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by Julia Smith Barrell

In this expertly compiled and visually captivating history, Julia Smith Berrall traces the ever-changing relationship between Americans and their gardens from the 17th century through the Victorian era. Stroll down her garden path to traverse the distance between the utilitarian plots of the early colonial settlers and the elaborate banquet-hall centerpieces of the late 19th century. Learn which flowers and foliage were available, and how they were painstakingly obtained, arranged and displayed. Drawing from portraits, still-lifes and the written accounts of early American garden writers and visitors from abroad, Berrall has assembled an indispensable guide to the accurate re-creation of early domestic spaces and a rich history for anyone seeking insight into our most delicate roots. This is more than a story of gardens and the blossoms they yielded; it is an exploration of American taste, culture, pleasure and ingenuity that illustrates our long love affair with our most ephemeral possessions.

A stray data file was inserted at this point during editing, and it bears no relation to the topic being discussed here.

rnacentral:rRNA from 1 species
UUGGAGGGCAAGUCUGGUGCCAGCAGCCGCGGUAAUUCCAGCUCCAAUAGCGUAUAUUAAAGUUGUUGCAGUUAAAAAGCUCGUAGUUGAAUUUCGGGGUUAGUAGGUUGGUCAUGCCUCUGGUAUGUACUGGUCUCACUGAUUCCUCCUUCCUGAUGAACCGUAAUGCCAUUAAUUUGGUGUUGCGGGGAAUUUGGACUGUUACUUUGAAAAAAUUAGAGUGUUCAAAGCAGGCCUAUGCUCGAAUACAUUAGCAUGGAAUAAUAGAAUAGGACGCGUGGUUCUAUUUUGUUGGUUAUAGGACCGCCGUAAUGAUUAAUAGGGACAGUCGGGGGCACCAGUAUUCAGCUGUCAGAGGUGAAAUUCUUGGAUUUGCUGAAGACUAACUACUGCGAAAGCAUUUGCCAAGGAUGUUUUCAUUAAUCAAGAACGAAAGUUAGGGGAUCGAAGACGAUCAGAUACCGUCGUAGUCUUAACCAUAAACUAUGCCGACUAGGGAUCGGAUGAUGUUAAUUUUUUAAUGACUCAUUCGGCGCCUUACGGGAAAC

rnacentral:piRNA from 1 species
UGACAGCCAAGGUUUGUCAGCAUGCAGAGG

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Meet the Author

Julia Smith Berrall of Montclair, New Jersey—in addition to being a concert pianist and a museum curator—enjoyed a prolific and celebrated career as a gardening expert and historian. Her previous publications include A History of Flower Arrangement (1953) and The Garden–An Illustrated History (1966), among others.

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Formats: Paperback

Pages: 112

ISBN: 978-1-883911-99-7

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